This week I have been reflecting how to use digital technologies to engage my students in participating in deliberative processes. According to Barber and Mourshed, 2007 (cited in Fonseca & Bujanda, 2011, p. 259), I need to first begin with reflecting upon the weaknesses in my own teaching, have access to best practices and I need to be motivated to adopt changes. “These elements have proven to be prerequisites for teacher change and can be achieved in the context of a school culture that enables teachers to learn from each other, engage in teamwork, and practice coaching on a regular basis.” (Fonseca & Bujanda, 2011, p. 259).
How can I best orchestrate an effective learning process and begin to develop the skills required for my students to take a participatory role in their community? Currently our town is looking at what to do with the old pool space in the original recreation centre. They have established a blog, EngageCanmore.ca to invite participation of the entire community. I’m currently reflecting on how to engage my students in this community dialogue and help them see themselves as participatory citizens. “…the main purpose of integrating digital technologies into citizenship education programs is to offer students opportunities to broaden and enrich children’s identities and actions as citizens. “ (Fonseca & Bujanda, 2011, p. 249).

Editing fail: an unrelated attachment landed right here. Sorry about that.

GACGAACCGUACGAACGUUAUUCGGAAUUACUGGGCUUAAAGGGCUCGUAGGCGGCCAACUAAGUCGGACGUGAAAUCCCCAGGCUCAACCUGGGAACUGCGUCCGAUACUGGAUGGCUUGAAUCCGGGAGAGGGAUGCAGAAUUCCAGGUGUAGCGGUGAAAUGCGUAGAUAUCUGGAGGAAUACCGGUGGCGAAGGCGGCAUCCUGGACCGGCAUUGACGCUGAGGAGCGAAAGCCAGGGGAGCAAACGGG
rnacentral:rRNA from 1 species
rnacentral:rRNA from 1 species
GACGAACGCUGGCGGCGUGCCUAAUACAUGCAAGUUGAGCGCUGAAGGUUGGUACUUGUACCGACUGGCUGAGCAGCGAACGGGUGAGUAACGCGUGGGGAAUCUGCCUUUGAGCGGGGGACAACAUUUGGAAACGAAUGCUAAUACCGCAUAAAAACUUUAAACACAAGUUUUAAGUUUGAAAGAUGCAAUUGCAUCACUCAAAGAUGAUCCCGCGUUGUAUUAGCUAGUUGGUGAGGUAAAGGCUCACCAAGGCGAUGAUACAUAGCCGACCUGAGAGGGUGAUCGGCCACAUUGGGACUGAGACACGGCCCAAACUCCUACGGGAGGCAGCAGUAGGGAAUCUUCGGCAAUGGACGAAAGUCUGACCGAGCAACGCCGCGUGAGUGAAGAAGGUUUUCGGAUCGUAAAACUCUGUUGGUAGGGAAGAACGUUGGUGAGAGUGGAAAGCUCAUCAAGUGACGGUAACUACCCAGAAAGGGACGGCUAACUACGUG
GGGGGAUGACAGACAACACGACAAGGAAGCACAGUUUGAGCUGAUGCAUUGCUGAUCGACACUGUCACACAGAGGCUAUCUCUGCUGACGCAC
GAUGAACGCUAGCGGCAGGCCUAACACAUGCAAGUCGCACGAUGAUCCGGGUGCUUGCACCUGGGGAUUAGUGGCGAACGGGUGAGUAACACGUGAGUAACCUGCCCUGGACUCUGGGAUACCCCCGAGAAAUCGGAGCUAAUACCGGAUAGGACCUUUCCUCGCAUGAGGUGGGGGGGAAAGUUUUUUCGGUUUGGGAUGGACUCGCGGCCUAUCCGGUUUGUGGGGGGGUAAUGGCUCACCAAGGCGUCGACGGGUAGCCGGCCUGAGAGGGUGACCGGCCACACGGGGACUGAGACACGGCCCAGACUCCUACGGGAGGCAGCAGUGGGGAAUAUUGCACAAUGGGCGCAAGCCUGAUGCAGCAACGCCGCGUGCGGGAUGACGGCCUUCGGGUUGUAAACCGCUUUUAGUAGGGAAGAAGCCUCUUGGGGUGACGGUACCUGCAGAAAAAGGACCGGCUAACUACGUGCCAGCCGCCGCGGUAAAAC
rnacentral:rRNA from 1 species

Communication students interviewed as part of a study exploring the opportunities and challenges for journalism and news in participatory democracy mentioned, “that the public should be involved, contribute to civic dialogue, provide feedback, and report alongside journalists.” (Mihailidis & Shumow, 2011, p. 43). So should our students, regardless of age. Our goal is to foster a “commitment toward community, increased ability to listen and participate in dialogue, and increased ability to relate and cooperate with others.” (Fonseca & Bujanda, 2011, p. 254). Digital technologies further enable children’s voices to be heard.
Fonseca, C., & Bujanda, M. (2011). Promoting children’s capacities for active and deliberative citizenship with digital technologies: the CADE Project in Costa Rica. Annals of The American Academy Of Political & Social Science, 633(1), 243-262. Retrieved from: http://ezproxy.lib.ucalgary.ca:2048/login?url=http://search.ebscohost.com/login.aspx?direct=true&db=poh&AN=57204687&site=ehost-live
Mihailidis, P., & Shumow, M. (2011). Theorizing journalism education, citizenship, and new media Technologies in a Global Media Age. Taiwan Journal Of Democracy, 7(2), 27-47. Retrieved from: http://ezproxy.lib.ucalgary.ca:2048/login?url=http://search.ebscohost.com/login.aspx?direct=true&db=poh&AN=71492333&site=ehost-live